The cold facts: A guide to stor­ing leftovers safely

When it comes to stor­ing and us­ing leftovers, most of us make mis­takes from time to time. Mys­te­ri­ous un­marked con­tain­ers are for­got­ten at the back of the freezer; leftovers go off in the fridge be­cause we ac­cept last-minute din­ner in­vi­ta­tions. Even when w

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KEEP LEFTOVERS HOT OR COLD

To keep leftovers safe from harm­ful bac­te­ria, there’s a sim­ple rule to fol­low: ei­ther keep them pip­ing hot, or chill them quickly.

While many of us have been taught not to put hot food in a cold fridge, mod­ern fridges are equipped to han­dle hot foods in small amounts. Leftovers should be cov­ered and placed in the fridge or freezer as soon as they have stopped steam­ing, as bac­te­ria will start to grow rapidly if food is left stand­ing at room tem­per­a­ture.

Per­ish­ables such as meat, poul­try, pasta, rice and casseroles should be dis­carded if they are left out of the fridge or freezer for more than two hours.

STOR­AGE CON­TAIN­ERS

Hot food should never go into the fridge in deep con­tain­ers, as the food needs to cool quickly enough to re­main safe. Shal­low (no more than 5cm deep) air­tight con­tain­ers made of me­tal, glass or plas­tic are ideal for stor­ing leftovers.

Look for square or rec­tan­gu­lar con­tain­ers for ef­fi­cient use of space, and con­sider smaller con­tain­ers that will store sin­gle serve por­tions.

FRIDGE AND FREEZER STRATE­GIES

Your fridge tem­per­a­ture should be be­tween 2°C and 4°C, while the freezer should be at or be­low –18°C. Rather than rely on tem­per­a­ture con­trols, you should check these tem­per­a­tures pe­ri­od­i­cally us­ing an ap­pli­ance ther­mome­ter (avail­able from hard­ware stores). In ad­di­tion to keep­ing your fridge at the right tem­per­a­ture, you should be care­ful not to over­pack it, be­cause cool air needs to cir­cu­late freely around the food.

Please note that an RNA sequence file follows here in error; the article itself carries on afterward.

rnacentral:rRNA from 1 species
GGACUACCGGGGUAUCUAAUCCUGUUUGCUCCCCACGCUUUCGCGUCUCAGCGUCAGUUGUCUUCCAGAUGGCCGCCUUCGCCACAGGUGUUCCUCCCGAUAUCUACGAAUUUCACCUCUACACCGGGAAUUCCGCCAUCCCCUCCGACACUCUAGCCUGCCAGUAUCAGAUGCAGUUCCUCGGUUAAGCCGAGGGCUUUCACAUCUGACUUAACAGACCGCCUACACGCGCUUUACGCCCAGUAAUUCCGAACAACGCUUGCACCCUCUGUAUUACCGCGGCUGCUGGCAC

Wipe spills up im­me­di­ately to re­duce the growth of lis­te­ria (which grows at fridge tem­per­a­ture) and to re­duce the risk of bac­te­ria spread­ing from one food to another. Fi­nally, check ex­pi­ra­tion dates on foods regularly and if they are past their “use by” dates, dis­card them.

STOR­AGE TIMES

As a gen­eral rule, leftovers can be stored for three to four days in the fridge, while un­cooked meats, poul­try and seafood will last one or two days. If you won’t be eat­ing leftovers within three to four days, it’s best to freeze them and then eat them within three months.

It’s still safe to eat leftovers af­ter this pe­riod (freez­ing halts the growth of bac­te­ria), but their flavours, tex­tures and nu­tri­tional value will start to de­cline.

RE­HEAT­ING

When re­heat­ing liq­uids such as sauces, cur­ries, soups and gravies, al­ways bring them to a boil. When re­heat­ing leftovers in the oven or mi­crowave, cover them to re­tain mois­ture and en­sure food is heated all the way through. You can’t tell just by look­ing at or smelling a food whether harm­ful bac­te­ria has started to grow, so to be sure it is safe to eat, the food should be heated to 70°C or higher. The best way to check this is with a food ther­mome­ter.

TIP: When putting food in the freezer, write the date and the name of the dish on the con­tainer – it’s sur­pris­ingly easy to for­get what’s in a con­tainer and how long it’s been in there.

TIP: It’s okay to leave steak, other whole cuts of beef or lamb a lit­tle bit rare when you re­heat them, as long as they were ini­tially seared at a high tem­per­a­ture to kill bac­te­ria on the sur­face of

the meat.

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